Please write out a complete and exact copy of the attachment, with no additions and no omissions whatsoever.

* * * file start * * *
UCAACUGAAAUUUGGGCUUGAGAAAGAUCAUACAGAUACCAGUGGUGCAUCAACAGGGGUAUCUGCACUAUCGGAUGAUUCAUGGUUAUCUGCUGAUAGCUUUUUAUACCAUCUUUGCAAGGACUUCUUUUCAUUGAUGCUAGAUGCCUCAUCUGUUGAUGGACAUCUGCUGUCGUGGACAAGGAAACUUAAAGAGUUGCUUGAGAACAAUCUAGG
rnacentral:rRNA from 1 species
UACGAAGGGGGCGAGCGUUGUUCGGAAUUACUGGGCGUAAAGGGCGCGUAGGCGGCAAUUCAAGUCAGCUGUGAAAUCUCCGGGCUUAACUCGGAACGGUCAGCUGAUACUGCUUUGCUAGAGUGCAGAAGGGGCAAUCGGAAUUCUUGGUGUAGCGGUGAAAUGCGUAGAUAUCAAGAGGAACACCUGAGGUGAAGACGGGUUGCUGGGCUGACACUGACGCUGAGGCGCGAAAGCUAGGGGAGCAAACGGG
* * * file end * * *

UCAACUGAAAUUUGGGCUUGAGAAAGAUCAUACAGAUACCAGUGGUGCAUCAACAGGGGUAUCUGCACUAUCGGAUGAUUCAUGGUUAUCUGCUGAUAGCUUUUUAUACCAUCUUUGCAAGGACUUCUUUUCAUUGAUGCUAGAUGCCUCAUCUGUUGAUGGACAUCUGCUGUCGUGGACAAGGAAACUUAAAGAGUUGCUUGAGAACAAUCUAGG
rnacentral:rRNA from 1 species
UACGAAGGGGGCGAGCGUUGUUCGGAAUUACUGGGCGUAAAGGGCGCGUAGGCGGCAAUUCAAGUCAGCUGUGAAAUCUCCGGGCUUAACUCGGAACGGUCAGCUGAUACUGCUUUGCUAGAGUGCAGAAGGGGCAAUCGGAAUUCUUGGUGUAGCGGUGAAAUGCGUAGAUAUCAAGAGGAACACCUGAGGUGAAGACGGGUUGCUGGGCUGACACUGACGCUGAGGCGCGAAAGCUAGGGGAGCAAACGGG